The October 15 Stickball Summit brought together Cherokee, Choctaw, Chickasaw, and Muscogee communities to play their traditional sport on Muscogee land for the first time in two centuries. The first game played was the Chickasaw version of stickball. The object of the game was to hit a fish on the top of a pole in the center of the field. It is a social game: players were broken into men and women teams of which anyone could join to play. Teams encircled a 15-foot pole to throw the ball up to turn the fish. Second was the Choctaw version.  In this variation, each team has a goalie to defend their side’s pole and the offense players attempt to hit the top of the 10-foot pole of the other team. Players threw the ball over longer distances to cross the field while others centered around their pole to protect it. The last game played followed Cherokee rules. Their version was in set teams of nine and the first team to twelve points (passing the goal line) won. This game consisted only of men, and they play barefoot wearing only athletic shorts so their full body is connected to the earth. Wrestling is important in this version as this was the most tactile form to release aggression built over disputes. At the end of the game, all players purified themselves with water to wash away their dispute and resume peace.

Later the same day, the Carlos Museum at Emory University hosted a panel discussion. It began with a documentary of women reclaiming stickball within the Cherokee community. Afterwards, a youth delegation from the Boys and Girls Club of the Mississippi Band of Choctaws performed the Snake Dance in full regalia. This led into the discussion led by Dr. Natalie M. Welch, Ph.D. (Eastern Band of Cherokee Indians), Addison Karl (Chickasaw/Choctaw), Casey Bigpond (Mississippi Band of Choctaw), Ace Greenwood (Chickasaw/Cherokee), Tosh Welch (Eastern Band of Cherokee Indians), and Dr. Monte Randall (Muscogee Nation). They spoke of their connection to stickball and how impactful it was to play with each other in brotherhood. It ended with wisdom and strengths each panelist gained through stickball and how they pass it onward to future generations.

Atlanta Beltline sponsored the 2022 Stickball Exhibition with the Native American and Indigenous Studies Initiative and the Carlos Museum.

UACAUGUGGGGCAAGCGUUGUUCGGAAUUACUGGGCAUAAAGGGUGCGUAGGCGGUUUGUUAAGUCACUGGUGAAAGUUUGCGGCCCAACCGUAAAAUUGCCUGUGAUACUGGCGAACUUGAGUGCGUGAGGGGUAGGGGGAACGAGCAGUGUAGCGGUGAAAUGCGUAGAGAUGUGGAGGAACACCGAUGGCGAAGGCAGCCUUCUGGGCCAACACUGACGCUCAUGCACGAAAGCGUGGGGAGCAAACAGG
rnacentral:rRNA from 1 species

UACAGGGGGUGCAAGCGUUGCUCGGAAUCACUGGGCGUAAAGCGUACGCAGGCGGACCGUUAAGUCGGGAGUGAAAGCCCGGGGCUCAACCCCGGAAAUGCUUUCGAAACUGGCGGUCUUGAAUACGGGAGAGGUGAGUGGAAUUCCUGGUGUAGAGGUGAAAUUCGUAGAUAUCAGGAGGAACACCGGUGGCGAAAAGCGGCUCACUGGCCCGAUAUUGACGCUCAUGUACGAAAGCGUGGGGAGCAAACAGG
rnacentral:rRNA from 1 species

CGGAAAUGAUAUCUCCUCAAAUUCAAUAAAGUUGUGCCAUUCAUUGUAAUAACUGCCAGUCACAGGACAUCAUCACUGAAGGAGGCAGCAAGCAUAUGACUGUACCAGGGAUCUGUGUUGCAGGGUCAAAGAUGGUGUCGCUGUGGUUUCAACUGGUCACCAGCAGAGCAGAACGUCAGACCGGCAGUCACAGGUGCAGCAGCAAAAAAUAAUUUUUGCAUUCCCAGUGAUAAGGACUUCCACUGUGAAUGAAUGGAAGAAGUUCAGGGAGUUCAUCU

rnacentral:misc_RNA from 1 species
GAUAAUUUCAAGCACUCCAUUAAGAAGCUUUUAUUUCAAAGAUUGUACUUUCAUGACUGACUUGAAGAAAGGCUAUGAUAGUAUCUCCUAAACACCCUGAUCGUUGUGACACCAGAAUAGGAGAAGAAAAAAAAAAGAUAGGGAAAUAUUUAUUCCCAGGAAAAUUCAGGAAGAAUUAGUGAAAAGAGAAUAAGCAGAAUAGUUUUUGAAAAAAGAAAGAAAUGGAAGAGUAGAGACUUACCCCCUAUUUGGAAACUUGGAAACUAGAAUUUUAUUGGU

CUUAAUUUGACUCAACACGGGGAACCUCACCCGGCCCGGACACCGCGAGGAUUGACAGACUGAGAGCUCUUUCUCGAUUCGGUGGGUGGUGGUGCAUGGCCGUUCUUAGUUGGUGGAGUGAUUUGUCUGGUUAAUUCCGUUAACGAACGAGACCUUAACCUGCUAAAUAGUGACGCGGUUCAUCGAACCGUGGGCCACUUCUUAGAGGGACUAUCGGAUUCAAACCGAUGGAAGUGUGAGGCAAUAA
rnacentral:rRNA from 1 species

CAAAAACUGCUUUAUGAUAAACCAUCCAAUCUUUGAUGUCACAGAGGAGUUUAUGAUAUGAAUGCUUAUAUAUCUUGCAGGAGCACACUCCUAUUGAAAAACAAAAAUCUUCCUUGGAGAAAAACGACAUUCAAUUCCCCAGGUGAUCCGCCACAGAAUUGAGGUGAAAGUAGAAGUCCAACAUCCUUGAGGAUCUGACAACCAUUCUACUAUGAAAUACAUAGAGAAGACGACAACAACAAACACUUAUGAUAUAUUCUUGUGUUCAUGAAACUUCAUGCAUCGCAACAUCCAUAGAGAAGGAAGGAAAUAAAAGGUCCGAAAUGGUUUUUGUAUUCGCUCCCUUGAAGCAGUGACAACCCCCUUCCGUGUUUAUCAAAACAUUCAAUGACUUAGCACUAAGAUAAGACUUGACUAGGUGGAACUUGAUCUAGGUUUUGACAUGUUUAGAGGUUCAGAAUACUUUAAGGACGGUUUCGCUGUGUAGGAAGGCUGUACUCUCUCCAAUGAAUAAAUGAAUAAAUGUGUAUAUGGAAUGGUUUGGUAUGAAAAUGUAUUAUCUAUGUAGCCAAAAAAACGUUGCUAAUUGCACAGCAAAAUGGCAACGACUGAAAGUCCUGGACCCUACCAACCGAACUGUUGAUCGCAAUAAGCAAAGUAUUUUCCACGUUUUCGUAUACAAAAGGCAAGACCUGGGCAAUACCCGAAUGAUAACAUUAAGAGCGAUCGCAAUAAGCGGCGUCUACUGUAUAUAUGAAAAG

LeAnne Howe (Choctaw) Discusses Native Resilience Through Stories and Sports

How do we learn? Who do we learn from? How do we carry their lessons? These are some of the thought-provoking questions Dr. LeAnne Howe asked the group of faculty, graduate students, and undergraduates gathered for her recent talk at Emory, “Embodied Tribalography in Fictional Characters and in Native History” on October 12. Dr. Howe is an enrolled member of the Choctaw Nation and the Eidson Distinguished Professor at the University of Georgia.

Dr. Howe’s talk began with an acknowledgment of Emory’s occupation of Muscogee land and  reaffirmed Emory’s commitment to build relations with the original caretakers of this land.   She then read selections from her new novel, 1918 Union Valley Road. Weaving evocative imagery of their family’s farm in Ada, Oklahoma, Dr. Howe recounts her grandmother’s stories life, love, and the lessons the birds taught her during the 1918 flu pandemic. Through a dramatic reading of the text, Howe connected directly with her grandmother’s anguish on the night her first husband succumbed to the deadly influenza.

Afterward, Dr. Howe spoke about embedded historical and spiritual knowledge in Choctaw games, particularly “base and ball.” She narrated a traditional Choctaw story about a dispute between the animals and the birds at the Nanih Waiya Mound. In this origins story, the central themes of hospitality, sportsmanship, and consensus formed the basis of Choctaw cultural identity.  At the pivotal point in the story, the birds were short a player. Eagle granted squirrel wings, and the flying squirrel played for his adopted team with as much dedication as his own. This story is embodied in the position of the Fani Mingo/Miko (squirrel chief) within traditional tribal governance, as this office served as an advocate for other communities outside the Choctaw Nation. In this way, sportsmanship ensured all views had representation in council discussions.  These values enabled the Choctaws to persist through the traumas of colonization and removal. Dr. Howe concluded by noting how these embodied stories enable resurgence and return of Indigenous peoples to their homelands through these ancient yet enduring ball games.

Dr. Howe’s talk kicked off the Native American and Indigenous Studies Initiative’s week celebrating Indigenous sports and was made possible through the generous co-sponsorship of the Hightower Fund, the Department of English, the Program in Creative Writing, and the Department of History.

View more of Dr. LeAnne Howe’s work:


Rose and Woodruff Libraries Acquire New Indigenous Digital Collections

On Oct 4, the Rose and Woodruff Libraries acquired more than 100,000 pages of North Native American primary sources. The North American Indian Thought and Culture project consolidated sources on People, Places, Historical Events, and much more. This is one of many new collections now offered by the Rose and Woodruff Libraries. Learn more about the new digital collection here.